Are you really expecting me to get on here and defend guys like Robertson, Hagee, etc.? A lot of those guys have become the Wright of the Right. It’s not a pastor’s job to spend all their time talking politics (and I really wish we could just get back to the main point I was trying to make – consistency when condemning wrong doing – wrong is wrong, no matter which party), nor is it a pastor’s job to try and get votes for any political party. I refuse to address politics from the pulpit. My job is to proclaim the Word of God, not the word of the Republicans OR the Democrats. I will talk about principles, and I will defend the sanctity of life, the importance of marriage, and other things that the Bible clearly teaches, but it is not my place to tell people who to vote for and who is right or wrong for America. Those preachers, both right or left, who have done so, have given up their number one calling. Policies won’t save America. Only Jesus Christ will! Where should a pastor’s priority be?

    Back to consistency, you’re defending Obama for cutting Wright off, when he had the opportunity to do so for 20 years and didn’t do it until it was politically suicide not to. Yeah, I’d say that was quick on the draw. The reason Republicans haven’t done so with Robertson and others is probably because they are still more popular than unpopular and they want the votes they represent. Obama didn’t need the baggage that Wright brought, so he dumped him. If Wright were really popular and his views were considered mainstream, do you think Obama would have left his church? Absolutely not! Obama’s after votes – not consistency and integrity!

    Bush was wrong, and has admitted he was wrong after 9/11. He is the one who is constantly talking about “learning the lessons from 9/11” not the left. The left now want us to believe that 9/11 was a fluke and we can go back to life before 9/11 now. It also wasn’t Bush that had Osama in his cross hairs and let him go, it was Clinton. It was also interesting that it was Clinton who was bombing Iraq all the time, having “no fly zones”, etc, and talking about how dangerous Hussein was. Even he thought there were WMDs (oh yeah, back then there were).

    I think Bush can handle the blame for al Queada moving to Iraq. Frankly, I think he would be glad that the battle ground wasn’t New York or Washington D.C. It isn’t being fought by citizens but by our best soldiers. No, this point, I don’t really have a problem with.

    Securing Iraq – yeah, that was a problem and a mistake. Legitimate criticism.

    As far as Petraeus’ comments, I think you should note that you are only telling half the story. He also said, “We got down at the people level and are staying. Once the people know we are going to be around, then all kinds of things start to happen.”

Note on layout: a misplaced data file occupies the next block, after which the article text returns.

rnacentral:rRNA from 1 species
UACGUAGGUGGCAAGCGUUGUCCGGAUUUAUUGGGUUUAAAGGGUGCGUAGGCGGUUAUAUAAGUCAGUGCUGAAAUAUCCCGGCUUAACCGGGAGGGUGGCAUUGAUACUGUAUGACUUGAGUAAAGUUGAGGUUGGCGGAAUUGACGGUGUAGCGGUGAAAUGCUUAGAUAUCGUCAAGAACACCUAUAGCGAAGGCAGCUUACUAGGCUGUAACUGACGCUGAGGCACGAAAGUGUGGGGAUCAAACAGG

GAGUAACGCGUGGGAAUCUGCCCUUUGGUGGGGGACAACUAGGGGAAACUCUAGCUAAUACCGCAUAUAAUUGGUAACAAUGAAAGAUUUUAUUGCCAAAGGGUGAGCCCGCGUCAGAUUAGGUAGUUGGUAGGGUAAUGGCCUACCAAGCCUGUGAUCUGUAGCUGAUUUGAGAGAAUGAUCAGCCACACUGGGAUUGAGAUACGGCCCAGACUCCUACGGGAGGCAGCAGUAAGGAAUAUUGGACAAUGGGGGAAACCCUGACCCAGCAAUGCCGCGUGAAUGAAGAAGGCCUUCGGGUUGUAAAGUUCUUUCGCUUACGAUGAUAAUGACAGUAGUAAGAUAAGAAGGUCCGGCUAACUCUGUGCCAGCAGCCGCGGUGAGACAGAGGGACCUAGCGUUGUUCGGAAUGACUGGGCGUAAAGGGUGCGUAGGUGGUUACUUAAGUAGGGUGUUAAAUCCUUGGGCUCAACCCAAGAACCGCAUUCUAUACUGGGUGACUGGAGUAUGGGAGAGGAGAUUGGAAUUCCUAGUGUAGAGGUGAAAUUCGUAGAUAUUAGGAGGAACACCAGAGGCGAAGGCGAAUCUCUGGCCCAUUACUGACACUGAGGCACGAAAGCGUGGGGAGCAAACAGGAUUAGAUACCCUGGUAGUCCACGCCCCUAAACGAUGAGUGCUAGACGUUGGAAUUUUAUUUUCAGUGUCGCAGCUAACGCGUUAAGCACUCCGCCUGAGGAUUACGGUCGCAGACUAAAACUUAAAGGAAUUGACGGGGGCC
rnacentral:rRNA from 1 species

Once the people knew that the Bush wasn’t going to let the Dems take us out of Iraq prematurely, they understood that if they stood up to al Queada, they weren’t going to get slaughtered when a Democrat Congress pulled America out. If Obama and the Dems had their way, we would have been out long before the surge and would have left Iraq a complete mess and a whole country…no, a whole world region…no, maybe even the whole world, angry with us for leaving them high and dry to have a civil war, and making the world an even more dangerous place than with Insane in power. This is an important point, because it was the Democrat’s policies to stand up against Bush in the war that kept the war going so long to begin with. The militants best chance was to see a Democrat Congress and president, because they would let al Queada win! The people in Iraq knew that, and so they wouldn’t stand up to al Queada until they knew we were in it for the long haul. It’s shameful that a party would have a vested interest in the US losing the war, and frankly, I blame the deaths of many of our soldiers squarely on the liberals in Congress and the libs who follow them, who would not support Bush in winning this war. How many soldiers died because the libs gave terrorists hope?

    As far as time in WWII, after we defeated Germany, we didn’t have the French and the Poles coming into Germany to try and kill our soldiers and blow up buildings. All of Europe was thrilled that the war was over and peace was relatively quickly achieved (except that big Russian juggernaut deal). Iraq, Syria, Iran, and Saudi Arabia have been major reasonw why it has taken so long to acheive victory. I think if we had secured the nation from foreign attacks (which would have been pretty difficult, but necessary), this war would have been over a long time ago.

    You said, “If we pulled out tomorrow, al Queada can’t claim victory.” That’s because of Bush, Petraeus, and our awesome troops in Iraq! What would have happened if the Dems had gotten their way back in ’06? We can only say that al Queada can’t claim victory, because WE are the ones who are gaining the victory in Iraq, no thanks to guys like Obama who should be ashamed of their positions, not proud.

    As far as the “we cannot afford another four years of a Republican in the White House” bit, I actually would agree if the answer were something better. Going in the wrong direction isn’t cured by going in a worse direction. The blind leading the blind….man this country needs Jesus!

    Like

  12. Ed Darrell says:

    “God $#@! America!” But I’m sure those were out of context too. Again, it goes back to both parties.